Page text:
By Jake Mann
We track around 450 of the 8,000-plus hedge funds in existence today, and within this upper tier lay some truly mammoth investors. Richard Driehaus is one such money manager that has had a storied career in the investing world, and being named to Barron's All-Century team is just one of the many accolades he has received over the years.
Our research has shown that, historically speaking, it has been a rewarding strategy to pay attention to the smart money's best picks (learn how here), and Driehaus easily qualifies one of this space's brightest gems. Using the latest round of fourth quarter 13F data from the SEC, we can determine how Driehaus was positioning the equity portfolio of his fund, Driehaus Capital Management, heading into 2013.
As we've mentioned before, he prefers to "buy good stocks of good companies and hold on to them until there are favorable changes." Here's his top trio.
Apple (AAPL) is Driehaus's No. 1 equity holding, as it has been for three consecutive quarters. Over this nine-month time period, beginning with Q2 of last year, Driehaus has increased the size of his Apple position by about 4%. Interestingly, the fund manager did downsize his stake by 13% in Q4, but this move followed a 20% boost in Q3, indicating that he's still very confident in Cupertino's prospects moving forward.
Obviously, Mr. Market has been a bit more temperamental, as shares of Apple have lost more than 20% year-to-date, and are nearly 40% below their all-time high of $705.07. Yes, the tech giant's stock price is cheap at these levels - you'd have to be living under a rock to miss its PEG of 0.5 and forward earnings multiple below 9.0x - but there's reason to believe that a kick-start is needed before Apple can reach a fairer valuation.
A few "favorable changes" that Driehaus may be looking for include points originally outlined by Gene Munster last year, including: a dividend boost of some kind by this year's second quarter, a deal with China Mobile (CHL) to provide the iPhone to its mobile subscribers, and an Apple TV by late 2013.
Clearly, value-stimulation is something that many permabulls have been asking Apple to consider for quite some time now, and the company's so-called "secret" hedge fund many be preparing for such a move. David Einhorn's "iPref" idea is also intriguing, but it's worth noting that there's still plenty here for growth-oriented investors to like.
The sell-side's five-year forecast calls for EPS growth a tick below 19% annually through at least 2017 - significantly above what's expected of key peers Google (GOOG) and Microsoft (MSFT), for example. Equally, as important is the upside that a new product offering like an "iTV" could establish - some analysts predict it to add $4.50 to EPS over the shorter run, and a global release could magnify this potential fourfold.
A recent story from Bloomberg also indicates that a rumored "iWatch" could be even better for business. The piece explains that, assuming a hypothetical scenario where Apple could grab 10% of both the wristwatch and TV markets, higher watch gross margins would be a boon to profitability.
Still, none of these growth factors have come to fruition just yet, leaving supporters like Driehaus out in the cold, so to speak. Aggregate hedge fund interest in Apple fell by 15% last quarter (among the funds we track), and 24 money managers were closing out their positions entirely. A few of these bears include Leon Cooperman, Dan Loeb and Stephen Mandel (see Mandel and Lone Pine's equity portfolio). Driehaus's time horizon is likely far longer than the first ten weeks of 2013, though, so we'll hold off on passing judgment just yet.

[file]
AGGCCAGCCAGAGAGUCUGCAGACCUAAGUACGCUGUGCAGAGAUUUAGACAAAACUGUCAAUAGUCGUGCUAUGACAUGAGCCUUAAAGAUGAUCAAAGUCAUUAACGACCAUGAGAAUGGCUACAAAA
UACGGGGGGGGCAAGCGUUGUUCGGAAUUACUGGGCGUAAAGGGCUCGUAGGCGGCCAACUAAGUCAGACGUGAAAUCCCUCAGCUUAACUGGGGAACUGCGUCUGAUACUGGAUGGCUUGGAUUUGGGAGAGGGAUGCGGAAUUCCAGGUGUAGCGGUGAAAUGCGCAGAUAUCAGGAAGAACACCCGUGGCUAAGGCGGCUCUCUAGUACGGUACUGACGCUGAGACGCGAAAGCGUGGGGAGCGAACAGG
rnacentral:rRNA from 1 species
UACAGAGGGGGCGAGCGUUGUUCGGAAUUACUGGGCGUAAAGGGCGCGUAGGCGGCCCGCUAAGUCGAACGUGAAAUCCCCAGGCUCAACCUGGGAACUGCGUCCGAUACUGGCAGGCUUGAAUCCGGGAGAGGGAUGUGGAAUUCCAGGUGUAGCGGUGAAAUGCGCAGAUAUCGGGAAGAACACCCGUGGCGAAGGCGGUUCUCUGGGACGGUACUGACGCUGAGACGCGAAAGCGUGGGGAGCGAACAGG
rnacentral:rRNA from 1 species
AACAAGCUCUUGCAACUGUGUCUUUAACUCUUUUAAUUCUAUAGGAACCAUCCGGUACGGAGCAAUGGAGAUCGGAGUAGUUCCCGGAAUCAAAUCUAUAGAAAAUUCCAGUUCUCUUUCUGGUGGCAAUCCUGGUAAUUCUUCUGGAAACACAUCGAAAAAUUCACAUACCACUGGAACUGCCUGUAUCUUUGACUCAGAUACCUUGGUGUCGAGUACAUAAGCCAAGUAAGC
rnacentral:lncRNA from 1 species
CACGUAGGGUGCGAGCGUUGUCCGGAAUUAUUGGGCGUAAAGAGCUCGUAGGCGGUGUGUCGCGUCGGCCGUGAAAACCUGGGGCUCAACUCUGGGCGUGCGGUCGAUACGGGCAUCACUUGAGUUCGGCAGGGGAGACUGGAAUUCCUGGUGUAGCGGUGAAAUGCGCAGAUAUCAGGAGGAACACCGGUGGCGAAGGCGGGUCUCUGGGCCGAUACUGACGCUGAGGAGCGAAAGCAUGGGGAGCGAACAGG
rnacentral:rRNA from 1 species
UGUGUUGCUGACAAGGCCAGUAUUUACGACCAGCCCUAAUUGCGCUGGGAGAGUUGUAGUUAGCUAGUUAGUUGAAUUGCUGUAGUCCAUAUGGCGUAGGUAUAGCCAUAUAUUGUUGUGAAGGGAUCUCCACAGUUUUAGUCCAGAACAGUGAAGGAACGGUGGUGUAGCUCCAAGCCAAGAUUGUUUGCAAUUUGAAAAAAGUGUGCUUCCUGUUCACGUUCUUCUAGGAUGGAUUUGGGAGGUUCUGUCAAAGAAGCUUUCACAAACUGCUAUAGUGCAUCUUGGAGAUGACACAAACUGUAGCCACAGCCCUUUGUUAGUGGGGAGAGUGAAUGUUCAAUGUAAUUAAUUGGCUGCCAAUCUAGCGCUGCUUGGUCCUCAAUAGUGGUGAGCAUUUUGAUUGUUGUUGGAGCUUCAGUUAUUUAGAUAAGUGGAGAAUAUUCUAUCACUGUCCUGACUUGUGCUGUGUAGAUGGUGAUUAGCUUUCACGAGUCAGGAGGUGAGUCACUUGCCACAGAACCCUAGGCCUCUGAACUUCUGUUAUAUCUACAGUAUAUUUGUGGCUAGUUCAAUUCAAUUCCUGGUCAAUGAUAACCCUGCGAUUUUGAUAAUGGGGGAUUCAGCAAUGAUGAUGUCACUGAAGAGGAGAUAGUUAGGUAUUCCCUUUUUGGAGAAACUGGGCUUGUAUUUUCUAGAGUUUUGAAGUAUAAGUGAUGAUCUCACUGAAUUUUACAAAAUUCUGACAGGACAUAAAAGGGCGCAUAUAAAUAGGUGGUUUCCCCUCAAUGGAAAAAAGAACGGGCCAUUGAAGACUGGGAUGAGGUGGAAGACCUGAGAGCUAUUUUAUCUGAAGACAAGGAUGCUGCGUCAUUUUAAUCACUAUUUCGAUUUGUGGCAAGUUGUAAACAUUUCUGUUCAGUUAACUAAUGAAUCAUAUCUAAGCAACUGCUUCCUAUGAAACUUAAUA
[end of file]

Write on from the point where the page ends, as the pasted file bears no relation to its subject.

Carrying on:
There are still plenty of ways that Apple can reverse its market losses, helping it achieve better value for investors, aiding Driehaus's portfolio in the process. Wall Street is still on board, as analysts' average price target represents almost a 43% upside from current levels. No matter what side of the aisle you fall on with regard to this stock, it's at least important to consider Driehaus's sentiment.
Taiwan Semiconductor (TSM) and Walter Investment Management (WAC), meanwhile, round out the fund manager's top three equity holdings. Unlike Apple, Driehaus upped his stake in each of these companies by at least 30% last quarter, more than doubling the size of his Walter position.
Driehaus established his stake in Walter, the residential loan servicer with a mortgage portfolio and related insurance operations, in the third quarter of 2011. It was during this same three-month period that peers Jim Simons and George Soros also reported new positions in Walter, and shares have rewarded the move, popping over 130% since the start of 2012. A penchant for acquisitive growth has boosted investors' perception of Walter's growth prospects, and despite their outstanding appreciation over the past 14 months, shares still trade at a mere 10.2 times forward earnings.
Likewise, Taiwan Semiconductor is attractive for similar reasons. A forward P/E below 14.0x indicates that Driehaus's second largest holding is cheap, and its dividend yield of 2.2% places it in some rare territory. Just three other members of the 57-stock semiconductor (integrated circuits) industry sport a yield north of 2%, making this a solid play for income and value-oriented investors alike.
While this is just a snapshot of Richard Driehaus's top trio, it does give insight into his investment philosophy, and more importantly, how he is positioning himself for 2013 and beyond.